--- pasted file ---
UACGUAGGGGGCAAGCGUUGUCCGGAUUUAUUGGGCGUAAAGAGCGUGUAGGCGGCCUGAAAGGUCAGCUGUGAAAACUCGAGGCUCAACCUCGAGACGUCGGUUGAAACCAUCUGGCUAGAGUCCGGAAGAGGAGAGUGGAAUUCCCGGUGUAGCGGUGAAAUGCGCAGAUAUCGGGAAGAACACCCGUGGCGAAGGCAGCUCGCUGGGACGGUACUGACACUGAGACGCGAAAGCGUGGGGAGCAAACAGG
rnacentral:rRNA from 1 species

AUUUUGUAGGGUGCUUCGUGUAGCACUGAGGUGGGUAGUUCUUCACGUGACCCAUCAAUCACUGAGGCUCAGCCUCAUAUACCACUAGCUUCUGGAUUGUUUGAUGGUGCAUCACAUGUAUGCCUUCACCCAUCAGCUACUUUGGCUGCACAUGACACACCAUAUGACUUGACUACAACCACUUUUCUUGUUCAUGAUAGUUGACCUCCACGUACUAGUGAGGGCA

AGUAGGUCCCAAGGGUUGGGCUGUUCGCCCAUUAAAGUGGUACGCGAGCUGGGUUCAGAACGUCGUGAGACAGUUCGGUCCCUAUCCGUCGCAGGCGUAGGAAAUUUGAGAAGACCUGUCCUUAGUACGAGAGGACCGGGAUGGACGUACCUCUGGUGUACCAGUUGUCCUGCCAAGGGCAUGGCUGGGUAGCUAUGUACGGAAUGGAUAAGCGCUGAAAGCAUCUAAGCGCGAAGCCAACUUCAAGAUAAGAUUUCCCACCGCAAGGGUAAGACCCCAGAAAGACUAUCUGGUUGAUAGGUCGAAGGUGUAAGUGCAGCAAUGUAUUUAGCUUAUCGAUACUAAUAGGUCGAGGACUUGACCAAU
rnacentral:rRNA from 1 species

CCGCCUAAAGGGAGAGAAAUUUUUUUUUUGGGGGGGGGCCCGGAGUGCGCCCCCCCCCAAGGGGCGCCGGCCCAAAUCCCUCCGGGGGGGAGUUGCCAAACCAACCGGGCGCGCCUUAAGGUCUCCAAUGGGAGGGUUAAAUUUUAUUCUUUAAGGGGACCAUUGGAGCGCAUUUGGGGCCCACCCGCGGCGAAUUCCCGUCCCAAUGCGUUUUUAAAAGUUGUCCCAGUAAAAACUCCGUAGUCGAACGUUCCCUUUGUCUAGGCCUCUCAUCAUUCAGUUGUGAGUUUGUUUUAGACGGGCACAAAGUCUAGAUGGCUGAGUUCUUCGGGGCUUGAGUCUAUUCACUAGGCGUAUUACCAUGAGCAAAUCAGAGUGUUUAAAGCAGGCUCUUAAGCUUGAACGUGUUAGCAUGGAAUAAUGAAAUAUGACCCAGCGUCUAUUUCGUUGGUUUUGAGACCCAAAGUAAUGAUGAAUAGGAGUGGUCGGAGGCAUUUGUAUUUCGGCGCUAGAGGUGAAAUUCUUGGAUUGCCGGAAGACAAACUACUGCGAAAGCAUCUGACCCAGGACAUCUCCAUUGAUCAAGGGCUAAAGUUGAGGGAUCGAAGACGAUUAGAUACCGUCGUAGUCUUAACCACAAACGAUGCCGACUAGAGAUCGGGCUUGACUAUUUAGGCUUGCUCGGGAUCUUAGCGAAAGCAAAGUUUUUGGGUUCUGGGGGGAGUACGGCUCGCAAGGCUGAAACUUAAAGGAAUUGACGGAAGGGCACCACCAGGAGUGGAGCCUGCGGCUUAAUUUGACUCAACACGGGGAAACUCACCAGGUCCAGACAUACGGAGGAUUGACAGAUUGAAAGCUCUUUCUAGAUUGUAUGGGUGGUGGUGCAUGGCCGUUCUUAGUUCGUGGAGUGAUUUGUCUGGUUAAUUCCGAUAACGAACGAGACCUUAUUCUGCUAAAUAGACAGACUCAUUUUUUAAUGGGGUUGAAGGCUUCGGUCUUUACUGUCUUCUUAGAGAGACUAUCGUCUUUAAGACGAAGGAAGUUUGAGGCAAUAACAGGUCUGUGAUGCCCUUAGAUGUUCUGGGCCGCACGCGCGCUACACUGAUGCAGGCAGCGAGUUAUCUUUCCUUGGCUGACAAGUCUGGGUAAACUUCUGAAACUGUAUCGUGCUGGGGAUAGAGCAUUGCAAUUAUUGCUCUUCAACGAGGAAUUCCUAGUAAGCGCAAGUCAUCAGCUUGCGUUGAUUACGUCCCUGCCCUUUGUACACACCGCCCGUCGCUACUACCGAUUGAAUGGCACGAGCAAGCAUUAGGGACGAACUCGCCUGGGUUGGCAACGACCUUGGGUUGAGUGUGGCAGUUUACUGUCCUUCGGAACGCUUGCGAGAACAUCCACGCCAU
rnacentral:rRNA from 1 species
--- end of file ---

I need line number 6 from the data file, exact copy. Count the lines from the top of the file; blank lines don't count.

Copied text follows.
CCGCCUAAAGGGAGAGAAAUUUUUUUUUUGGGGGGGGGCCCGGAGUGCGCCCCCCCCCAAGGGGCGCCGGCCCAAAUCCCUCCGGGGGGGAGUUGCCAAACCAACCGGGCGCGCCUUAAGGUCUCCAAUGGGAGGGUUAAAUUUUAUUCUUUAAGGGGACCAUUGGAGCGCAUUUGGGGCCCACCCGCGGCGAAUUCCCGUCCCAAUGCGUUUUUAAAAGUUGUCCCAGUAAAAACUCCGUAGUCGAACGUUCCCUUUGUCUAGGCCUCUCAUCAUUCAGUUGUGAGUUUGUUUUAGACGGGCACAAAGUCUAGAUGGCUGAGUUCUUCGGGGCUUGAGUCUAUUCACUAGGCGUAUUACCAUGAGCAAAUCAGAGUGUUUAAAGCAGGCUCUUAAGCUUGAACGUGUUAGCAUGGAAUAAUGAAAUAUGACCCAGCGUCUAUUUCGUUGGUUUUGAGACCCAAAGUAAUGAUGAAUAGGAGUGGUCGGAGGCAUUUGUAUUUCGGCGCUAGAGGUGAAAUUCUUGGAUUGCCGGAAGACAAACUACUGCGAAAGCAUCUGACCCAGGACAUCUCCAUUGAUCAAGGGCUAAAGUUGAGGGAUCGAAGACGAUUAGAUACCGUCGUAGUCUUAACCACAAACGAUGCCGACUAGAGAUCGGGCUUGACUAUUUAGGCUUGCUCGGGAUCUUAGCGAAAGCAAAGUUUUUGGGUUCUGGGGGGAGUACGGCUCGCAAGGCUGAAACUUAAAGGAAUUGACGGAAGGGCACCACCAGGAGUGGAGCCUGCGGCUUAAUUUGACUCAACACGGGGAAACUCACCAGGUCCAGACAUACGGAGGAUUGACAGAUUGAAAGCUCUUUCUAGAUUGUAUGGGUGGUGGUGCAUGGCCGUUCUUAGUUCGUGGAGUGAUUUGUCUGGUUAAUUCCGAUAACGAACGAGACCUUAUUCUGCUAAAUAGACAGACUCAUUUUUUAAUGGGGUUGAAGGCUUCGGUCUUUACUGUCUUCUUAGAGAGACUAUCGUCUUUAAGACGAAGGAAGUUUGAGGCAAUAACAGGUCUGUGAUGCCCUUAGAUGUUCUGGGCCGCACGCGCGCUACACUGAUGCAGGCAGCGAGUUAUCUUUCCUUGGCUGACAAGUCUGGGUAAACUUCUGAAACUGUAUCGUGCUGGGGAUAGAGCAUUGCAAUUAUUGCUCUUCAACGAGGAAUUCCUAGUAAGCGCAAGUCAUCAGCUUGCGUUGAUUACGUCCCUGCCCUUUGUACACACCGCCCGUCGCUACUACCGAUUGAAUGGCACGAGCAAGCAUUAGGGACGAACUCGCCUGGGUUGGCAACGACCUUGGGUUGAGUGUGGCAGUUUACUGUCCUUCGGAACGCUUGCGAGAACAUCCACGCCAU